business as usual.  We were even being used as a fundamental element of their lie.  They boasted to
their potential enrolees the progressive policy of the school and pointed to us, their American
teachers, as evidence of their forward way of thinking.  And once the student was enrolled, the
non-refundable tuition paid, and the parents back on the train to Delhi…. all that fluff about peace
and progressive education went out door and was replaced with the slap of a stick across the knuckles.

Most the parents had no idea. Sara and I tried to leave on multiple occasions.  Each time the school
begged us to stay, offering us more money, a bigger TV, and even less work.  We didn’t care about
anything they had to offer us.  It was the students that kept us there.  Particularly Sara’s bond with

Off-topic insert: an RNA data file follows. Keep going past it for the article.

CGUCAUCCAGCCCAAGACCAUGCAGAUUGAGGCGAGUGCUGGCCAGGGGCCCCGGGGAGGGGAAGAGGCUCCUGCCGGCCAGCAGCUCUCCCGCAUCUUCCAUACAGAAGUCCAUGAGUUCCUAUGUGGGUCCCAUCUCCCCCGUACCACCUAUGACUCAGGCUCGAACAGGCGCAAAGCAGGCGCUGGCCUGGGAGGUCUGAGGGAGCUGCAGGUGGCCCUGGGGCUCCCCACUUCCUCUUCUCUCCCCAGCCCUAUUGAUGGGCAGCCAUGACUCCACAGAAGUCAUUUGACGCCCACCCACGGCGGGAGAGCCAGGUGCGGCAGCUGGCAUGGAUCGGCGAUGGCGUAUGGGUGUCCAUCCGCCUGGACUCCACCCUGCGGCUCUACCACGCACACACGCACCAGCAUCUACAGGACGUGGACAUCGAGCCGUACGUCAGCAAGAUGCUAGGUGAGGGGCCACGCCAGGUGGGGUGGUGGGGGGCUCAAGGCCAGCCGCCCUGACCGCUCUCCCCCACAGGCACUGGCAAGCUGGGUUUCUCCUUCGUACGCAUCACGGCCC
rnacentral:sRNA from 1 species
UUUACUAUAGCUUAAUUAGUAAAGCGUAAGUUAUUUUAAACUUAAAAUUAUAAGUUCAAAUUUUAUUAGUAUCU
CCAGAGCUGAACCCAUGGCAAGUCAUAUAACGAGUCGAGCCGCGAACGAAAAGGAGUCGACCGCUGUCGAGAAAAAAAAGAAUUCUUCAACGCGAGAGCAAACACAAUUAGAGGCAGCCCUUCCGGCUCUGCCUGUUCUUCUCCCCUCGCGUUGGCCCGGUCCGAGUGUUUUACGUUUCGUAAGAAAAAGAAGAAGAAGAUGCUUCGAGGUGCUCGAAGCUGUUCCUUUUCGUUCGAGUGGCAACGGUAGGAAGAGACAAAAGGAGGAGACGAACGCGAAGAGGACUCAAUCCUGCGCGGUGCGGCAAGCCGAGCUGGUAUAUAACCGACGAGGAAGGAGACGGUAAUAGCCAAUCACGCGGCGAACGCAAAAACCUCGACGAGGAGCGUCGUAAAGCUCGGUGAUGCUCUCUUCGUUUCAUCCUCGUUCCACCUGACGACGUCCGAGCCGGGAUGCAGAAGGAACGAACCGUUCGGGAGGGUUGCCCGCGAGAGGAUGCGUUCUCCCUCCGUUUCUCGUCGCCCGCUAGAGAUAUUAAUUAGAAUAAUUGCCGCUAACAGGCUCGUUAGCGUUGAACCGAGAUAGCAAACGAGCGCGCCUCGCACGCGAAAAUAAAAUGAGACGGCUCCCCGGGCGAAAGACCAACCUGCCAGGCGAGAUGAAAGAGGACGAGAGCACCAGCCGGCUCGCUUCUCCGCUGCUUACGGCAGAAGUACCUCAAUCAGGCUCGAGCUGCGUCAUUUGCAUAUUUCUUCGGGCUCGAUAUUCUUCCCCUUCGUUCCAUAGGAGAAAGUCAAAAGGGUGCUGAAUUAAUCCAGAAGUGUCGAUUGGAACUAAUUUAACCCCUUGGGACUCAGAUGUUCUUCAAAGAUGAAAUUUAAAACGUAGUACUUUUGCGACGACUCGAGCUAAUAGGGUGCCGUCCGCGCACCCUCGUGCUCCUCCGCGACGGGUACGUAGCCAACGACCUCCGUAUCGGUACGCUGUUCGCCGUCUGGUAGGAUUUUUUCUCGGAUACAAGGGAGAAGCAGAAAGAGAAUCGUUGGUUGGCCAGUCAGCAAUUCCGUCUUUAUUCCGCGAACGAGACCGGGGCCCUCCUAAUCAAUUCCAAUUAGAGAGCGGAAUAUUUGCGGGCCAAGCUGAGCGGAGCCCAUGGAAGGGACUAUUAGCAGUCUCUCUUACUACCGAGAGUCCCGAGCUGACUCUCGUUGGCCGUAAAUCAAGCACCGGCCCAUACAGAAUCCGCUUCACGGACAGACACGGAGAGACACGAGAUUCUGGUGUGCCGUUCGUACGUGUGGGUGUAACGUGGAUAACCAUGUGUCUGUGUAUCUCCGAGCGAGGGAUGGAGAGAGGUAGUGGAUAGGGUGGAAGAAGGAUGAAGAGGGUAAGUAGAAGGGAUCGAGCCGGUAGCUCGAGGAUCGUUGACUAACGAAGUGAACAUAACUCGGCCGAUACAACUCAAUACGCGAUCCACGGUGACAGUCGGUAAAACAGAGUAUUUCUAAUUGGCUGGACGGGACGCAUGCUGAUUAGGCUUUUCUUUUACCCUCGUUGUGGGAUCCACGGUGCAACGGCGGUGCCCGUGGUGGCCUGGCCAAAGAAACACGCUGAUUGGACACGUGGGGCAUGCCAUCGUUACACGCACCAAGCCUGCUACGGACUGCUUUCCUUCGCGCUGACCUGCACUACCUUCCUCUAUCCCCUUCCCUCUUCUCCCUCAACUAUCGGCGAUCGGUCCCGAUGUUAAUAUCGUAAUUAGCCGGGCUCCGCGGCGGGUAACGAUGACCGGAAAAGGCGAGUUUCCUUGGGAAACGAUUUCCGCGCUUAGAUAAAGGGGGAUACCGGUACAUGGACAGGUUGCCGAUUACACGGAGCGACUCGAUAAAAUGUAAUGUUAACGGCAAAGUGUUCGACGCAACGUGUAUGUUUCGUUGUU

the students kept us from going.  She had become a very important and powerful woman in the eyes
of the girl students.  The school was very patriarchal and she had become their voice.  She even got the
principal to allow the girls to use the basketball court, which infuriated some of the boys.  She felt
that if she left, nobody would stick-up for the girls.

One night while eating dinner in the girl’s mess hall, the principal walked in, visibly upset about
something.  He started yelling at the girls.  Sara stood up and told him to leave.  He must have been shocked. The next day he held a meeting with Sara and me in his office.  He told me about the event the night before and told me that I had to do a better job of controlling my wife.  He did not realize the consequences of saying this in front of Sara.  She became furious.  He looked to me for help.  “See how she is treating me!

Yelling at me.”

To which Sara responded, “I’m not yelling.” And then, with shattering force heard throughout the campus, “NOW I AM YELLING!”

I turned to leave.  The principle begged me to stay, no quicker than Sara said, “Eli, get the fuck out of
here.”  I wasn’t going to argue.  She was a dragon, and the principle had earned the heat that was about to come his way.